Elite Brexit power play locks people out

FOLLOW MY LEADER? neither Corbyn nor Scottish Labour leader Richard Leonard are backed by their parliamentary colleagues

by Ken Ferguson • The Voice goes to press as Jeremy Corbyn announces a Labour policy shift to endorse “a customs union” with the EU and beleaguered Premier May is slated to make yet another supposedly “game changing” policy speech.

In the Labour camp—as predicted in the last Voice—the hard-right forces, led by the same MPs who twice tried to topple Corbyn and remain hostile, launched a demand for the UK to stay in the single market on the eve of Corbyn’s speech.

Significantly released to The Guardian’s Sunday sister The Observer, the list is peppered with ennobled Blairite ex-ministers and includes Lord Kinnock and a range of Scottish figures including MEPs, ultra-right wing MP Ian Murray and the Labour group leaders of both Edinburgh and Glasgow city councils.

Under the cloak of concern to ensure a Corbyn government has the cash for its progressive programme, this is really just further evidence that they still hanker for a different leadership, and their “loyalty” is skin deep.

Meanwhile, the supine Tory press continue to dutifully spin the fairytale that Tory unity was sealed by the so-called “Cluedo” Chequers meeting and that the road to Brexit will now become clear.

In reality, this is pure tooth fairy stuff, and the divisions spotlighted by the Labour letter are also reflected in the Tory party.

Of course, the breathless hacks have been busily war-gaming the scenario which sees Labour tabling a Commons motion on the customs union which attracts dissident Tory votes and defeats May, opening the way to an election which will sweep Corbyn to Downing Street.

However away from the Westminster bubble, this is a tale which is, for working people, highly problematic.

Firstly, the Tories can also read the papers and will no doubt work flat-out to keep their dissidents—from Rees Mogg to Soubray—onside, and the government in power.

But more significantly, this reversion to a fascination with machinations on the green benches of the Commons runs a real risk of becoming all-consuming and sidelining all the other real battles facing working people.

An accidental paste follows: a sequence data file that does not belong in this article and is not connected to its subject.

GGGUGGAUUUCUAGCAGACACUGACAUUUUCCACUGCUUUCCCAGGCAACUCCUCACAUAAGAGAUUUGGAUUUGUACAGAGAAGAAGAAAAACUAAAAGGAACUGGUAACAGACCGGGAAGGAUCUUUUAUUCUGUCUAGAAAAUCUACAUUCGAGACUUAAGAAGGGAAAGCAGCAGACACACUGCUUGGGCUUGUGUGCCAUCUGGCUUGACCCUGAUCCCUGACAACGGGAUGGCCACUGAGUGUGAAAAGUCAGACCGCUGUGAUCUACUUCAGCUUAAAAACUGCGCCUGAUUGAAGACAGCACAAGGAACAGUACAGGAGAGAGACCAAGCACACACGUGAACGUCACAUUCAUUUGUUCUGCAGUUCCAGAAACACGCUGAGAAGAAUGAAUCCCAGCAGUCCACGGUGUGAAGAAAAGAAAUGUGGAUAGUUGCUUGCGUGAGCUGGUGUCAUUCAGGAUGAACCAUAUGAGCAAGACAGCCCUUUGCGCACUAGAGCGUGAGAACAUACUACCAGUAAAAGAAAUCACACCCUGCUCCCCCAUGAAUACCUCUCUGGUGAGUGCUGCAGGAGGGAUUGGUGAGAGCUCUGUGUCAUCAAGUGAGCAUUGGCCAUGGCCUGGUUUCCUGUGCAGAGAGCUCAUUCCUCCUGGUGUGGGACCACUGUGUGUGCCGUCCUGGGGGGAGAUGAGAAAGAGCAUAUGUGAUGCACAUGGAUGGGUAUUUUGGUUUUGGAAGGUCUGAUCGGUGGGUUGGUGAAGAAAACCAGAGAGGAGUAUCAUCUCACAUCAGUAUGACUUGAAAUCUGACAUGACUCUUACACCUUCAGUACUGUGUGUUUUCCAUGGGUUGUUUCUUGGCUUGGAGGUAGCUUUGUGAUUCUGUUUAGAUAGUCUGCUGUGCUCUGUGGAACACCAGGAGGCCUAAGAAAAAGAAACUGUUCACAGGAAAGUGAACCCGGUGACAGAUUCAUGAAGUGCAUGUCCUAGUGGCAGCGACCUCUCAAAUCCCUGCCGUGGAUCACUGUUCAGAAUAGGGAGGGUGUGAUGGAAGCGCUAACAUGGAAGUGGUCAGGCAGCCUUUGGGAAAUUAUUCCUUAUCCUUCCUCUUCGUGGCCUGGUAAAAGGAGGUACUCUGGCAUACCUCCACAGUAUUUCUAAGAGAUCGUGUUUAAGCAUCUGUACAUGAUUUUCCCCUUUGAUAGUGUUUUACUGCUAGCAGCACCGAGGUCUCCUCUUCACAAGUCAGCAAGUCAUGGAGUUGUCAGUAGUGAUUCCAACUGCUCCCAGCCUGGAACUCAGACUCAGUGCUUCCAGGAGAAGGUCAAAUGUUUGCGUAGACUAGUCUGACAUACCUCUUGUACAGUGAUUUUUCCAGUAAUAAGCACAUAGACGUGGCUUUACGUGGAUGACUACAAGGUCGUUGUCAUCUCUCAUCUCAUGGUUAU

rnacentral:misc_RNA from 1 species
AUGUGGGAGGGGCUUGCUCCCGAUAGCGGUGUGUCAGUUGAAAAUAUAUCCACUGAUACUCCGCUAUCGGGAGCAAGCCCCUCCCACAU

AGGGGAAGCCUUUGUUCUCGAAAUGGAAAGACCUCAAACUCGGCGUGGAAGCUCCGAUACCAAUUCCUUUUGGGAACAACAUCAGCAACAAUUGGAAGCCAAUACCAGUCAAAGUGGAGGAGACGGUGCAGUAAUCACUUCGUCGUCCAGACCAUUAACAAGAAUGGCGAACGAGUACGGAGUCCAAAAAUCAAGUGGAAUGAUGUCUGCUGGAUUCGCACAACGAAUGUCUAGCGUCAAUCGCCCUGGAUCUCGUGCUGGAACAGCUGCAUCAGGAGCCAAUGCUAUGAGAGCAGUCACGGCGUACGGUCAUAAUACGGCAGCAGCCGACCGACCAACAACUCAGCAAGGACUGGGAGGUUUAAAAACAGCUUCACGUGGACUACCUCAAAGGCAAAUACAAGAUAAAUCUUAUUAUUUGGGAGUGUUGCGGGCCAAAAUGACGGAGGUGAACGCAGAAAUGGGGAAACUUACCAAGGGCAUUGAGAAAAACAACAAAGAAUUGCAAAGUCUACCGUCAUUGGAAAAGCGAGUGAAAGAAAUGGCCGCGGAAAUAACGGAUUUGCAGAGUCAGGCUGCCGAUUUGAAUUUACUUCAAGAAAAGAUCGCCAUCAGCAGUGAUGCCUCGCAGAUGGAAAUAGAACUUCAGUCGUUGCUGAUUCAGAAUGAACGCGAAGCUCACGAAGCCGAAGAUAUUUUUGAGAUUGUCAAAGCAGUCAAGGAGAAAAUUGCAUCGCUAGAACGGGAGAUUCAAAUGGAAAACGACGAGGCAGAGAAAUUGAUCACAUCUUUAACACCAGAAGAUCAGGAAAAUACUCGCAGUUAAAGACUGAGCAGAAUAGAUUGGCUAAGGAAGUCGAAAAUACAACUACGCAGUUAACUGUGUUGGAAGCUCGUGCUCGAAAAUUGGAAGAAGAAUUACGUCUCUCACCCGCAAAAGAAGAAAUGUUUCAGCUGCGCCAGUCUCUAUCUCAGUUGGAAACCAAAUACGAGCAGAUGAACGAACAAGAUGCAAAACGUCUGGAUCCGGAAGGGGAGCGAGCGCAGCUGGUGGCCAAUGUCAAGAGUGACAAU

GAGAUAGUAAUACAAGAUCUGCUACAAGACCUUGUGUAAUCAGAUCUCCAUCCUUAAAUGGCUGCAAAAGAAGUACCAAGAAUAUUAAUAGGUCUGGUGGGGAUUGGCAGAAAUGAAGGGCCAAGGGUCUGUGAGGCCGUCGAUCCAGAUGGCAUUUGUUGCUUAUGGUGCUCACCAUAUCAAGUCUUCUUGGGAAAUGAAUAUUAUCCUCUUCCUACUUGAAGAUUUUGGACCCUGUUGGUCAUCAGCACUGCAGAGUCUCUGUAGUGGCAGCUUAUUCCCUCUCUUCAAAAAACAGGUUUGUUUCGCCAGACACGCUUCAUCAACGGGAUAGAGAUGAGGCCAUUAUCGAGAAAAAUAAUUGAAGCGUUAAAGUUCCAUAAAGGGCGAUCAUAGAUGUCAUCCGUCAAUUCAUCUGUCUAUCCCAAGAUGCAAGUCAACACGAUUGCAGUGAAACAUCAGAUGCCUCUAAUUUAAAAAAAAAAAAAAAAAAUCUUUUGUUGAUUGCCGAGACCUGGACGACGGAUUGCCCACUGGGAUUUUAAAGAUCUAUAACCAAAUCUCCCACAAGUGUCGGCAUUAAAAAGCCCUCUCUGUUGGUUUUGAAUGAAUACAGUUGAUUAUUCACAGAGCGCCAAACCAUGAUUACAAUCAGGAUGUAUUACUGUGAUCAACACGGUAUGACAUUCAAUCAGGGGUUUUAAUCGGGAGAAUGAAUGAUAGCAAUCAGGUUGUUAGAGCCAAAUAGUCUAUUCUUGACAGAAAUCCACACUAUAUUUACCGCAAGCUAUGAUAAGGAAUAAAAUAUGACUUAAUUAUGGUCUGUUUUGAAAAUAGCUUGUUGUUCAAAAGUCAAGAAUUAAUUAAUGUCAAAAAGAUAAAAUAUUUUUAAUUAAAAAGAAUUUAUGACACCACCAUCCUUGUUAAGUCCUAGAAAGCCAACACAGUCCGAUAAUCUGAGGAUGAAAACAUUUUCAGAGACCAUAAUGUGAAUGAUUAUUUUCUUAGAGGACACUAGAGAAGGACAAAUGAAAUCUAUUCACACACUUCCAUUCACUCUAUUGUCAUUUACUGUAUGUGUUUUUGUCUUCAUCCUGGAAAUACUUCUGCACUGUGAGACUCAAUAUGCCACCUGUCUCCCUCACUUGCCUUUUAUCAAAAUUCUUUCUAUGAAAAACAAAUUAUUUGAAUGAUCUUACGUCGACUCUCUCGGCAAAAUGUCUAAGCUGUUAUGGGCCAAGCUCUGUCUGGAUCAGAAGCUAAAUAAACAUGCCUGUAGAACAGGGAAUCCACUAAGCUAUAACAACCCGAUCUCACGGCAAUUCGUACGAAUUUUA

Undoubtedly, this is also a wider problem which sees socialist change coming, essentially through the election of a Corbyn government, which then implements a series of measures reversing the neoliberal pestilence backed for 40 years by both Tory and Labour.

It’s a seductive scenario and one which has seen cheering, chanting crowds and transformed Corbyn from joke to giant challenging for power. But it also poses some real problems in how change is to be delivered.

Essentially, the Tories don’t just rely on parliament but wield power through business, the City, a largely Tory mass media, all making their ideas appear what Gramsci dubbed the “common sense” which dominates how voters view the choices before them.

Socialists and socialist ideas need to go beyond the benches of Westminster and Holyrood taking up the issues of jobs, wages, health housing and much more with a coherent socialist alternative.

Of course, electing socialists to Holyrood and Westminster matters but without serious campaigning outside the debating chambers, the fight for a different society will remain, for most people, largely a spectator sport.

And that Westminster Labour now has a left leader—like his Scottish counterpart—not backed by their MPs and MSPs—simply underlines the scope of the problem and the need to build the movement for change in workplaces, colleges and communities.

In this context, a much higher priority needs to be given to the biggest force representing working people, the trade unions, which are still by far the biggest force for an alternative society here in Scotland.

The action currently underway in the universities defending pensions is an example of the kind of action needed both to win change and build a confidence that another alternative is possible.

And an excellent example of what can be achieved by consistent principled activity in the workplace to build union power is the election of Voice columnist and socialist activist Richie Venton to the UK executive of his union, Usdaw.

The Voice congratulated Richie personally and as an example of what can and must be done in the drive for fighting trade unions.

All around us, working people are under the cosh of austerity, falling wages, bosses dictation of zero hours, a chronic housing shortage dominated by profiteering landlords and, as winter bites, fuel poverty.

The truth is that while MPs and MSPs are important, they will only be able to break with the ruling pro-market consensus—particularly dominant in Holyrood—when faced with mass activity by trade unions, communities, socialists and other progressive forces.

And overhanging all this in Scotland remains the unresolved national question which, if not totally dominant, is still a major factor in the debate about Scotland’s future.

The Voice is a longstanding independence supporter but also firmly believes that it cannot be reduced to a Brexit bargaining chip—it must be integrated into a vision of real change.

That way opens the door to real independence, capable of winning Scotland’s working class majority and society putting people and planet before profit.

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